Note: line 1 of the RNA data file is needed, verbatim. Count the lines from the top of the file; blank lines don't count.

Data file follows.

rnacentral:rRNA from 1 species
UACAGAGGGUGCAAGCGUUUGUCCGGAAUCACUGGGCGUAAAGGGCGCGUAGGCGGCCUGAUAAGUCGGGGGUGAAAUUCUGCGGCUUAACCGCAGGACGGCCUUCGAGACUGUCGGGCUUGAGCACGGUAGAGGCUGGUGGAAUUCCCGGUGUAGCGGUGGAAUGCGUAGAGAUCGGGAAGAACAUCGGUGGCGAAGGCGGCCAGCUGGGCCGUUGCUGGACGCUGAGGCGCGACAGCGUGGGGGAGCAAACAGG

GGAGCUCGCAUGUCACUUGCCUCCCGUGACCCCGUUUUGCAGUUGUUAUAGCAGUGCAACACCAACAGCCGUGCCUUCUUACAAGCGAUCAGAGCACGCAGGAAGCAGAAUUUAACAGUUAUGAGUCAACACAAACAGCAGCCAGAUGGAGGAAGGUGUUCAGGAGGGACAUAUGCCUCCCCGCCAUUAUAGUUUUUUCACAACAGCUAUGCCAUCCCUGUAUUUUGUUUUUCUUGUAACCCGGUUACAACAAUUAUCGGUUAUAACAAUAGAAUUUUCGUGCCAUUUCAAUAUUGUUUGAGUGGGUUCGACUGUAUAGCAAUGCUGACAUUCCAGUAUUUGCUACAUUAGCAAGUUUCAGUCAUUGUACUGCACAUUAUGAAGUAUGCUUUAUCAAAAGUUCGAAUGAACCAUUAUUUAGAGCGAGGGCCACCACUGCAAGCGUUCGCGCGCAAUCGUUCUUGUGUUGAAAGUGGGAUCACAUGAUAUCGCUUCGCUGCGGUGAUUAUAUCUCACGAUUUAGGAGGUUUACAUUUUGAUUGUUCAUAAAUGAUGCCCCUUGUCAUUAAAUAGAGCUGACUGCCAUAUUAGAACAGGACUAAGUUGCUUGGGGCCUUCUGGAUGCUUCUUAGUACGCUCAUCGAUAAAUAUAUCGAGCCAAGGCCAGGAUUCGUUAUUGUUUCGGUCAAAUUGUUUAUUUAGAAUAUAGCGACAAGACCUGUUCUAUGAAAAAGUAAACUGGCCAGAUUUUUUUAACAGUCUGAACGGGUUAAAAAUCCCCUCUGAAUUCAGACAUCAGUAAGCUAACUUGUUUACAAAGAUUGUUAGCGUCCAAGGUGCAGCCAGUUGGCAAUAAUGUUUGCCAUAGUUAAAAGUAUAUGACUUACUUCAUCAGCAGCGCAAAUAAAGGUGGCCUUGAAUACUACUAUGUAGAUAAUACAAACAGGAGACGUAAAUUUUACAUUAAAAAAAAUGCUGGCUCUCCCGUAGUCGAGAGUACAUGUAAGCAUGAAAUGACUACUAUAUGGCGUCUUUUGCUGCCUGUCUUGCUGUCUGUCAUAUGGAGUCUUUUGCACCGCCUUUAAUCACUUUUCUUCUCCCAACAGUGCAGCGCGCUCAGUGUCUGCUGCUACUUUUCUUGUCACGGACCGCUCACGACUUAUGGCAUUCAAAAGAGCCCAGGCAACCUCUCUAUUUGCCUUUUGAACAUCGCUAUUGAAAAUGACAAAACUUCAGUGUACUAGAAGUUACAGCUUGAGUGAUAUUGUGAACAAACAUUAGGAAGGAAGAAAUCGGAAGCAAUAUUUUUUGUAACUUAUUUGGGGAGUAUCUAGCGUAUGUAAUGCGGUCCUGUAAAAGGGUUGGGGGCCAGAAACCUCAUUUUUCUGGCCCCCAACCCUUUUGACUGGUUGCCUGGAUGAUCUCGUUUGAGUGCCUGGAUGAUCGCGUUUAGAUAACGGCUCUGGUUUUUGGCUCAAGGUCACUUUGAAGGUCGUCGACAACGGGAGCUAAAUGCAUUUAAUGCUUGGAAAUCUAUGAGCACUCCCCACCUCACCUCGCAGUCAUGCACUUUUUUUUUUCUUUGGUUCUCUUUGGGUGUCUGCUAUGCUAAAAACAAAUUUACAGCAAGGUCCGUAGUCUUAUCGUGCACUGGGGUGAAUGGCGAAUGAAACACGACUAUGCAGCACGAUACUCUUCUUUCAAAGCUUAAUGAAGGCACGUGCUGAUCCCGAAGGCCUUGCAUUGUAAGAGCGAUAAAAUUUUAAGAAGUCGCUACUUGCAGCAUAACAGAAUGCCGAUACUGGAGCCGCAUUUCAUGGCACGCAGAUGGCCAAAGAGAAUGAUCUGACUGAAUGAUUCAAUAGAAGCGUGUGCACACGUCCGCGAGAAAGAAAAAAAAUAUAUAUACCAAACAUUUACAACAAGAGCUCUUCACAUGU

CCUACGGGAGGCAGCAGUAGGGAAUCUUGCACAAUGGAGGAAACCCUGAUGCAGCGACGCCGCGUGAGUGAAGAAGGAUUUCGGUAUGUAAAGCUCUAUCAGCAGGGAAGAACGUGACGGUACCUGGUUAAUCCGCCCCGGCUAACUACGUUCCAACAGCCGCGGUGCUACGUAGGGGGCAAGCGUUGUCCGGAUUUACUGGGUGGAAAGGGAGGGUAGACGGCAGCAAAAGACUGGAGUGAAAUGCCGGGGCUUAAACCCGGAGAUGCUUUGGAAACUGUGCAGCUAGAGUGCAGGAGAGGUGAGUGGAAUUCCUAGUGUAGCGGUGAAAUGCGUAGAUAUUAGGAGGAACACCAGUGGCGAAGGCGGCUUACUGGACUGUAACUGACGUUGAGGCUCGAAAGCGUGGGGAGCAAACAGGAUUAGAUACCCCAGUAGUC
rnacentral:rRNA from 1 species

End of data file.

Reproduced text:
rnacentral:rRNA from 1 species